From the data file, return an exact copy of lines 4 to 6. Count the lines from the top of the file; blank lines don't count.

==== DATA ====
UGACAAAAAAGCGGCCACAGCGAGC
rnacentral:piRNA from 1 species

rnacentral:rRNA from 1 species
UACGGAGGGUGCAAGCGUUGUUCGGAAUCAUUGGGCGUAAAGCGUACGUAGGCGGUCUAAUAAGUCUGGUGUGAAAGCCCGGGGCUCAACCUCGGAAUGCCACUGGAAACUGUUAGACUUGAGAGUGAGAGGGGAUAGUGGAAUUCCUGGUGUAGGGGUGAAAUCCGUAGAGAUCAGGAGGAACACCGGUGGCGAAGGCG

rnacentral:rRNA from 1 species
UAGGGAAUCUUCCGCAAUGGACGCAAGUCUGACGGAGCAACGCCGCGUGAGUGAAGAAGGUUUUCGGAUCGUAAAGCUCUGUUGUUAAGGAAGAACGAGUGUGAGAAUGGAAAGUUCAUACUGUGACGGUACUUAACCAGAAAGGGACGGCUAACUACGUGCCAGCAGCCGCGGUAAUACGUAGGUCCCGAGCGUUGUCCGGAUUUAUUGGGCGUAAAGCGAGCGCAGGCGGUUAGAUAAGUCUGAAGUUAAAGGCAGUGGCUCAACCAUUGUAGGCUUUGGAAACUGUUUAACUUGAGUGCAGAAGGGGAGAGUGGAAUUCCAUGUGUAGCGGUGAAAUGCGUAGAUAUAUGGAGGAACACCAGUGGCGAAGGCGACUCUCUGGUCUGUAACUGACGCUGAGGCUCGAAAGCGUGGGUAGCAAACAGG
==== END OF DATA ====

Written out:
UACGGAGGGUGCAAGCGUUGUUCGGAAUCAUUGGGCGUAAAGCGUACGUAGGCGGUCUAAUAAGUCUGGUGUGAAAGCCCGGGGCUCAACCUCGGAAUGCCACUGGAAACUGUUAGACUUGAGAGUGAGAGGGGAUAGUGGAAUUCCUGGUGUAGGGGUGAAAUCCGUAGAGAUCAGGAGGAACACCGGUGGCGAAGGCG

rnacentral:rRNA from 1 species
UAGGGAAUCUUCCGCAAUGGACGCAAGUCUGACGGAGCAACGCCGCGUGAGUGAAGAAGGUUUUCGGAUCGUAAAGCUCUGUUGUUAAGGAAGAACGAGUGUGAGAAUGGAAAGUUCAUACUGUGACGGUACUUAACCAGAAAGGGACGGCUAACUACGUGCCAGCAGCCGCGGUAAUACGUAGGUCCCGAGCGUUGUCCGGAUUUAUUGGGCGUAAAGCGAGCGCAGGCGGUUAGAUAAGUCUGAAGUUAAAGGCAGUGGCUCAACCAUUGUAGGCUUUGGAAACUGUUUAACUUGAGUGCAGAAGGGGAGAGUGGAAUUCCAUGUGUAGCGGUGAAAUGCGUAGAUAUAUGGAGGAACACCAGUGGCGAAGGCGACUCUCUGGUCUGUAACUGACGCUGAGGCUCGAAAGCGUGGGUAGCAAACAGG